Monday, May 7, 2012

Week #12: The Final Pics

I should have posted this last week, but I am SO behind in my blogging. I am going crazy right now with wrapping up my time at this college, the semester, life in this town...and starting to think about moving to Alaska. In 20 days. 20 DAYS!

Last week on Monday, April 30th I wrapped up my data collecting for my independent study that's been running for the past 12 weeks at the Muller Field Station. To refresh, this study was funded by a National Science Foundation Grant, the Community College Undergraduate Research Initiative. I was able to purchase 5 Cuddeback camera traps, various scent lures, and other sundry supplies like batteries, gloves, and scent pads. I've been checking the cameras weekly on every Monday since February 6th, 2012. The following are the pictures collected between 4/23 and 4/30.

Camera A


Canada Goose

Camera B

NO pictures for Camera B because I forgot to turn it on after the last time I was there checking the cameras. And wait til later in the post, when I share something cool. Really kicking myself...

Camera C - please note that the time stamps are wrong on these pictures. I'm not sure what happened, but I realize they are incorrect!

White-tailed deer

Red fox

Red fox

Red fox...there must be a den nearby!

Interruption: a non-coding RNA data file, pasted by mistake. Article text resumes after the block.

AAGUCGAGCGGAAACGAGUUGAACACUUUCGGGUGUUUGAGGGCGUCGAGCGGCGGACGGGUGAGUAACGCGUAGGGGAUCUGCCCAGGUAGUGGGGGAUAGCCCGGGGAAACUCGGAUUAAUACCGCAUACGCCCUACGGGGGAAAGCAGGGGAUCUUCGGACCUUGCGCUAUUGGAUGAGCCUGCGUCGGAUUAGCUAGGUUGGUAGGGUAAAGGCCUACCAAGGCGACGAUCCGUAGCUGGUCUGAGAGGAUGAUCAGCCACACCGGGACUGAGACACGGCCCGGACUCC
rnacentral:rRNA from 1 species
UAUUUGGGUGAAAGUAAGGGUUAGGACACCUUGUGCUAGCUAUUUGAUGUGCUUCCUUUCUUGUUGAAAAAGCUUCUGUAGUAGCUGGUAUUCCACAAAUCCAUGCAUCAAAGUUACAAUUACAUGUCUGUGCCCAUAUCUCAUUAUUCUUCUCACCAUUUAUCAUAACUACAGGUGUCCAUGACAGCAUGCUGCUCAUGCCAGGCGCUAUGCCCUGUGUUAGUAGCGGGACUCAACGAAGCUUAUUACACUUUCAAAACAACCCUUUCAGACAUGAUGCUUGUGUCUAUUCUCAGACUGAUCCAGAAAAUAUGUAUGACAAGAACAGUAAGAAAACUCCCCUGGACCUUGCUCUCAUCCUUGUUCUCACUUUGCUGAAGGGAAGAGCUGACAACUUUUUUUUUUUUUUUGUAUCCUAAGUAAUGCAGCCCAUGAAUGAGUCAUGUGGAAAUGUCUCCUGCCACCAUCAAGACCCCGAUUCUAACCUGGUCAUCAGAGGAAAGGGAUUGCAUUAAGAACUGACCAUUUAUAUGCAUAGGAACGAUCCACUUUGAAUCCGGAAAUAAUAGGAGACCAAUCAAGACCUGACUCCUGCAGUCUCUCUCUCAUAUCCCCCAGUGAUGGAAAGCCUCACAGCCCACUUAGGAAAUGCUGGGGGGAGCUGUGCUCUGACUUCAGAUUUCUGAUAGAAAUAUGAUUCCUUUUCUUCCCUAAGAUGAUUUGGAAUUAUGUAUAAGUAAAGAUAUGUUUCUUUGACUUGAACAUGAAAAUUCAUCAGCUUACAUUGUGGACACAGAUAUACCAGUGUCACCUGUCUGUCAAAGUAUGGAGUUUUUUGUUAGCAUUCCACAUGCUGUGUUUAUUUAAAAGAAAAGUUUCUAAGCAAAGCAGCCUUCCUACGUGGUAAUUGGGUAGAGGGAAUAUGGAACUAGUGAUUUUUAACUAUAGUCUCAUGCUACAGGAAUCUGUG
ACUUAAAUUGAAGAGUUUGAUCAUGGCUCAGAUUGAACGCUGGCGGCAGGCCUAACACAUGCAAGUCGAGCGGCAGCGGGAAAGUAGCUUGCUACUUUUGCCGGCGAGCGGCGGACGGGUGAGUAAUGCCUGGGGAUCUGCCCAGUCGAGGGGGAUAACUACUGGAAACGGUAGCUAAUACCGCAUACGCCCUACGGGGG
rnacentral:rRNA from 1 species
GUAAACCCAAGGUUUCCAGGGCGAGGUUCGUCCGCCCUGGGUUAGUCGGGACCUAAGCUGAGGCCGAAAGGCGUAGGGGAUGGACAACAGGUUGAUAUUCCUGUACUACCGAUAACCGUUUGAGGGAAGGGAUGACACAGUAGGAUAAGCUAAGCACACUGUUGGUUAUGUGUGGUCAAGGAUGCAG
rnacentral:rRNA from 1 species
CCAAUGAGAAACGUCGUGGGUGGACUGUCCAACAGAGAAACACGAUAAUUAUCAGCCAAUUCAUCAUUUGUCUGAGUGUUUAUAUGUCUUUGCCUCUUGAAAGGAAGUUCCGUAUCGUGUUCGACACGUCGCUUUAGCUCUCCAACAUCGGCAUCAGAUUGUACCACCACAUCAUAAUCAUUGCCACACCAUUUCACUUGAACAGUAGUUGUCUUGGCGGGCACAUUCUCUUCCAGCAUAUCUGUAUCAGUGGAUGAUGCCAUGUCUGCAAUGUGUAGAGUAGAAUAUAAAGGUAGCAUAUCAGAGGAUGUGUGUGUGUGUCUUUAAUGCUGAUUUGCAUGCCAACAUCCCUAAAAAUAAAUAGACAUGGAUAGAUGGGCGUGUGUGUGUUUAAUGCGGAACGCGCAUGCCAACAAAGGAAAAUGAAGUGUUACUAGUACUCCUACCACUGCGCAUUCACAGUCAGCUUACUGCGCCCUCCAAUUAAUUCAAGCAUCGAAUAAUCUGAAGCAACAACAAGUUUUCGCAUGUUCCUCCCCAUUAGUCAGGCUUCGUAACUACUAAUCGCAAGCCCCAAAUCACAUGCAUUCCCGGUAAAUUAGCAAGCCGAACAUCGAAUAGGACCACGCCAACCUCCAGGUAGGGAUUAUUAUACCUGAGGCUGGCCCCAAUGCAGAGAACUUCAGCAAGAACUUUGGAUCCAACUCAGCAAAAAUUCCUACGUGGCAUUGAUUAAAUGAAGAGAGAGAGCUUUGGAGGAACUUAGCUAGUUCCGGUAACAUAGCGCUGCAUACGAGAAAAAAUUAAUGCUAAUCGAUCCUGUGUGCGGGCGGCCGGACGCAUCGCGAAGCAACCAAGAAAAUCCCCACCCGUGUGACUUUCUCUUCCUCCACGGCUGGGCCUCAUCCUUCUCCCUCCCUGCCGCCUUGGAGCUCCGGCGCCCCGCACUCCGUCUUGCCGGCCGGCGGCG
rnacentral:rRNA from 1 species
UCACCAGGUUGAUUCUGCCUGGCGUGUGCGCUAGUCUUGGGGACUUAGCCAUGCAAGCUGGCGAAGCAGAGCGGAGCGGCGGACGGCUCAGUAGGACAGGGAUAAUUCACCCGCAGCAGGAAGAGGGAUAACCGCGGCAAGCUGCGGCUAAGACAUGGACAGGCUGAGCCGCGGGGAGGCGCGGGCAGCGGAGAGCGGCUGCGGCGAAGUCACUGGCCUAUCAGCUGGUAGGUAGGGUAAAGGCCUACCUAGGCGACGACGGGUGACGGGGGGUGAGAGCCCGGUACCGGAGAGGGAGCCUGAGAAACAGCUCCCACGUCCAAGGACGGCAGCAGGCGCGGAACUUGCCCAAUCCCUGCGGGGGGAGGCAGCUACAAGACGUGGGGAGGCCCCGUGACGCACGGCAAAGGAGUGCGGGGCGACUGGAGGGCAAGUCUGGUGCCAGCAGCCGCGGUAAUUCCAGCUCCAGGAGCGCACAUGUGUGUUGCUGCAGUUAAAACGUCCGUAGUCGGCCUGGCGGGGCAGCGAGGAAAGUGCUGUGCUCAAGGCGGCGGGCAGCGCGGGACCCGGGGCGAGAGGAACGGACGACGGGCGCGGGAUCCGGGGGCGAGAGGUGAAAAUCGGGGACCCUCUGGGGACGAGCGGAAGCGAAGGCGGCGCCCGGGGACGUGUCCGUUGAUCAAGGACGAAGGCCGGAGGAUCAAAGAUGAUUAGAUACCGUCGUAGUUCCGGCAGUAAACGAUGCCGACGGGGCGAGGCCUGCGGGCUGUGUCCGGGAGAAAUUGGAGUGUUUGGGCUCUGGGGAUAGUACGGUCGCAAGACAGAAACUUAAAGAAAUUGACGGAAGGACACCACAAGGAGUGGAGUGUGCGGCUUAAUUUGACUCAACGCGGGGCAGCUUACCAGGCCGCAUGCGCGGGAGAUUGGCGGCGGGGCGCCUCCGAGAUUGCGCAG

A male WTD with nubs!

And that's all she wrote! Officially through with collecting data. DONE! It was a wild 12 weeks, so much fun checking the cameras every week waiting to see what I got. I'm honestly surprised that I didn't get: beaver, striped skunk, black bear, or more river otter, mink, and muskrat.

This morning I got a call from Nadia, the K12 Outreach Coordinator at the field station. I've left the cameras up for her to continue to use with school groups that come and visit. She calls me in a frenzy this morning to tell me that we finally got this:

BAM. 3 days after I was "done" collecting data! AND this was on Camera B, the one I neglected to set correctly for the final week! I'm kicking myself. I can't believe this darn bear waited perhaps all 12 weeks before showing his/her face. I have been seeing bear sign for WEEKS at the field station, within eyesight of one of my camera sets! So frustrating, but VERY cool that it finally happened!

Now it's data time. I've been looking over and over at the data I collected which I've stuck into a spreadsheet in Excel. I'm also writing my final paper and drawing conclusions and "stuff". It's tedious, frustrating, but I'm very excited to see the final results.

1 comment:

  1. Thanks for you comment at Country Captures. The loon plumage you questioned is the non-breeding adult plumage. When the loons come through my area (southern Pa) they are about equally mixed between breeding and non-breeding plumage. Perhaps some could be last year's young, I'm unsure as immature and non-breeding plumage is very similar.

    Loved your camera trap post and hope you the best in Alaska!


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